Arab Journalists Urged To Give Full Picture Of UN
ARAB JOURNALISTS URGED TO GIVE FULL PICTURE OF UN'S WORK IN REGION
New York, May 13 2004 4:00PM
With Western Asia and the Middle East grappling with "profound unease" and "disappointed aspirations," the top United Nations communications official today called on the region's media experts and journalists to help refine a strategy aimed at bringing the Arab world and the UN closer together.
"I, for one, am convinced that if people in the region are better able to understand what we are and what we do, they will support our efforts," the Under-Secretary-General for Communications and Public Information, Shashi Tharoor, told experts gathered in Beirut for the Strategic Communications Meeting for the Middle East and the Arab Region.
With upheaval in Iraq and the ongoing suffering of the Palestinian people, Mr. Tharoor said that, perhaps more so than at any other time in recent memory, this was a time of profound unease, "reflection and self-questioning in the Arab world."
But with the daily struggle of ordinary people for dignity and justice, the many UN activities designed to improve the lives of Arabs deserve to be better known in the region, he said. "We…want to find ways to help you inform your constituents and your audiences of UN Development Programme (UNDP) projects to eradicate poverty and of UN Children's Fund (UNICEF) efforts to eradicate polio."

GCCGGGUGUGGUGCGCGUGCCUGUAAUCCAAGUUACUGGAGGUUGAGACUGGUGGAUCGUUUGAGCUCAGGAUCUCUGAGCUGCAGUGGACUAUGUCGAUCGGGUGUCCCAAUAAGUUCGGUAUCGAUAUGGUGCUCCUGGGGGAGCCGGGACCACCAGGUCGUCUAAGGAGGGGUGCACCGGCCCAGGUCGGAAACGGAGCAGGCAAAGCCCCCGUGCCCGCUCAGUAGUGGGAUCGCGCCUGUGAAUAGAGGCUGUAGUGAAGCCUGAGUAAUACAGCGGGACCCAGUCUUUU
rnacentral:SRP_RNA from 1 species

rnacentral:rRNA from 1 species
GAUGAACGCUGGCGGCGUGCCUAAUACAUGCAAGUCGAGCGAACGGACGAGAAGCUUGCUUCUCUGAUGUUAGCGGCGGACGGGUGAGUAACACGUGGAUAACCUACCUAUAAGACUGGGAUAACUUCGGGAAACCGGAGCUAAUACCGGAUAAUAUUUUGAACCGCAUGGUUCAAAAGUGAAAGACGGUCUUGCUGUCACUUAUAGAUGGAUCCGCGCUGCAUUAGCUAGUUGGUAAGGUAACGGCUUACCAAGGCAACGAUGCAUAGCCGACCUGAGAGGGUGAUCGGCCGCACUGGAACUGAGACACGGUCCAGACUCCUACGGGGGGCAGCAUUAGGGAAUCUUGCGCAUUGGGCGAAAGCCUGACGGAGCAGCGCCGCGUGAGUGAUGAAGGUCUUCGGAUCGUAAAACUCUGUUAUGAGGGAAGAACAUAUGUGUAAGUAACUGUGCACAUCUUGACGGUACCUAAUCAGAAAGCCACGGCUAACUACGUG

He said that the UN Department of Public Information (DPI) wanted journalists to join mine-clearing teams in south Lebanon and TV camera crews to document water desalination and environmental projects in Cairo. "We want to help you highlight (the UN Relief and Works Agency for Palestine Refugees) UNRWA's income-generation projects in the occupied Palestinian territories," he said, appealing to the media in the region to present the full picture - "a picture that is far more complex and diverse than most people imagine."
Mr. Tharoor said the meeting also planned to discuss how best to strengthen the role of civil society in the region, as it was "an increasingly important partner in our efforts to advance the noble goals of the UN Charter." He said one way "might be to re-energize and, where necessary, reactivate the work of the Arab United Nations Associations."
But the aim was not to divert attention away from the "big ticket" issues of Iraq and the occupied territories, he said, noting that the discussions in Beirut were a follow up to a 2003 meeting held in New York where UN system communications experts had pooled their knowledge and their skills, and developed a strategic framework that is now serving as the foundation of the world body's efforts to help the Arab world better understand the Organization.
That meeting had come as "the United Nations was looking down the barrel of a regional crisis of confidence in the Organization," brought about largely, but not entirely, by events in Iraq, Mr. Tharoor noted. DPI had subsequently joined with the UN Economic and Social Commission for Western Asia (ESCWA) to organize today's follow-up to "put more flesh on the bones" of the 2003 meeting, in particular by building a concrete Plan of Action to deliver on that strategic framework, he said.